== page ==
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Liverpool English Centre

  /  Our Blog   /  Cambridge First FCE & Advanced CAE: How to overcome oral exam nerves

Cambridge First FCE & Advanced CAE: How to overcome oral exam nerves

One of the biggest challenges you will face when it comes to Cambridge oral exams is staying calm and performing well.
No matter how prepared you are, nerves can affect just about everybody. Think about the last time you spoke in class or at an interview. Unless you are very confident, there’s a good chance your heart was beating fast, your palms felt sweaty and your mouth dry, making it extremely difficult to achieve what you had planned and of course, you had to do this in another language while under pressure.
Understand the different parts of the speaking paper and what is expected of them.
Remember that there will be two examiners in the room. The interlocutor who reads the exam script and the assessor who listens carefully and marks your performance. The exam is taken in pairs.
The First and Advanced exam structures are almost identical.
Part 1, the interview, involves a conversation between you and the examiner. They will ask questions about interests, studies, careers, etc for two minutes.
Part 2, the long turn involves talking about two pictures on your own for a minute.
Part 3, the collaborative task is when you interact with each other. You have two minutes to discuss the prompts and then another minute to make a decision about something.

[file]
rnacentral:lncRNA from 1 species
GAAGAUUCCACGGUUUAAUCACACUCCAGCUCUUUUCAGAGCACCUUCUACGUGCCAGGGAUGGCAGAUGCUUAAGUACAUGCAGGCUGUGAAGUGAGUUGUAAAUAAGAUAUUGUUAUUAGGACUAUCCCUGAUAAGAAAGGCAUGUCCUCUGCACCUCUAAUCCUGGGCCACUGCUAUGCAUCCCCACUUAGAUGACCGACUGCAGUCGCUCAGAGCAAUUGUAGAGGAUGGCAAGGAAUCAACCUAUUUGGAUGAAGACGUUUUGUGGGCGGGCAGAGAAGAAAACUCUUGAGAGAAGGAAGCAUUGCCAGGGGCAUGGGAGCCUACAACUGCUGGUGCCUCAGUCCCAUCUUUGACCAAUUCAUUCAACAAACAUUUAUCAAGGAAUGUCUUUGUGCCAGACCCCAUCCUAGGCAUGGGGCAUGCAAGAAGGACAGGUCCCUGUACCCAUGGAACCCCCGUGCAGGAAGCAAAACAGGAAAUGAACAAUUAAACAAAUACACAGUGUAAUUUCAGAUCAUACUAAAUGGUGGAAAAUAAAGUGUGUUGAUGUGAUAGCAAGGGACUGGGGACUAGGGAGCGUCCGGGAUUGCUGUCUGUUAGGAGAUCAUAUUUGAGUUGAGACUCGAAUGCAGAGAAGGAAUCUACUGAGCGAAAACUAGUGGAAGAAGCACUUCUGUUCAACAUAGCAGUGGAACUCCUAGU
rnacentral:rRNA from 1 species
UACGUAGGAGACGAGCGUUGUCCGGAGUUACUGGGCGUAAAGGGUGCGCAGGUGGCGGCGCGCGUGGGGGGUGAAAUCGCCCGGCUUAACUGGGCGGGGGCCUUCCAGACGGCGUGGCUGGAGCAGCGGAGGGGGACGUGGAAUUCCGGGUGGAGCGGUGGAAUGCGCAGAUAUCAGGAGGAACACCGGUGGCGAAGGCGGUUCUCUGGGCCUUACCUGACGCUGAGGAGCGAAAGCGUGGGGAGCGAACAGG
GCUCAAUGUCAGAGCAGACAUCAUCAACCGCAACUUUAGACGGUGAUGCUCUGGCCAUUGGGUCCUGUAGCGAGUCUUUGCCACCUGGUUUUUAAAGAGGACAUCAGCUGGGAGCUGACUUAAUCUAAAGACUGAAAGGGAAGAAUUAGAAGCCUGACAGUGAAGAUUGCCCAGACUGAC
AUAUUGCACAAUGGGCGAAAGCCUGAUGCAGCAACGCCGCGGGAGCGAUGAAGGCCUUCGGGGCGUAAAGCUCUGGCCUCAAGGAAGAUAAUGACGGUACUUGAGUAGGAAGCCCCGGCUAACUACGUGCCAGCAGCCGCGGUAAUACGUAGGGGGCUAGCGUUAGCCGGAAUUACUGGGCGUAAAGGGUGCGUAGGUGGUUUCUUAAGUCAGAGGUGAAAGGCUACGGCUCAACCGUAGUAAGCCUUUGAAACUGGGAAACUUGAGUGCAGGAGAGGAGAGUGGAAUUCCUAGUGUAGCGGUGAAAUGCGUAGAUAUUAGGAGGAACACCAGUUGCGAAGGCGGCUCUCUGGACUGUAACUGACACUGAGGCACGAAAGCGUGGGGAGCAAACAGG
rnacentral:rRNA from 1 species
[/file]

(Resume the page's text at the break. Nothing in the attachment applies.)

The exam finishes with the discussion phase. You  are given questions related to part three and are required to talk together in more detail. In the First exam part four lasts four minutes and in the Advanced it is for five minutes.
For more information about the format of the exam check the website for B2 First or C1 Advanced.

Familiarization

If you really want to remain calm then you need as much practice as possible. The more you work on the different sections of the exam, the more easy it will become. You should practice the oral exam with another student who you are not familiar with as this will be similar to the real exam.
You should also look at examples of the B2 First and C1 Advanced speaking exams.

Visualization

Mentally rehearse the day of the exam as it be much easier if you’ve practiced the exam beforehand.
Sit down in silence and read a practice script to fit your presentation.
You enter the exam room. The examiners welcome you with a smile and invite you to sit down.
How does the exam progress? What goes well? What do you find difficult? What do you wish you’d practiced more?
Time is up. The exam is over. You are free to leave. How do you feel as you walk out of the door?
By focusing on the positives and identifying any negatives can reduce anxiety during the exam.

Non-verbal communication

Use body language, use your hands to make a point you feel strongly about. Make eye contact with the examiners and your partner. Smile and nod at appropriately to show interest in what others are saying as it may help increase your marks for interactive communication.
It’s vital to practice this so that it is done in a natural manner.

Things to remember

Examiners listen for things you CAN do rather than what you CAN’T. If feel you’ve made a mistake –  either correct yourself or just forget about it.
Marks are given on performance of the OVERALL exam and not individual sections. Even if you are unable to complete the long turn, for example, it doesn’t necessarily mean they won’t pass the exam.
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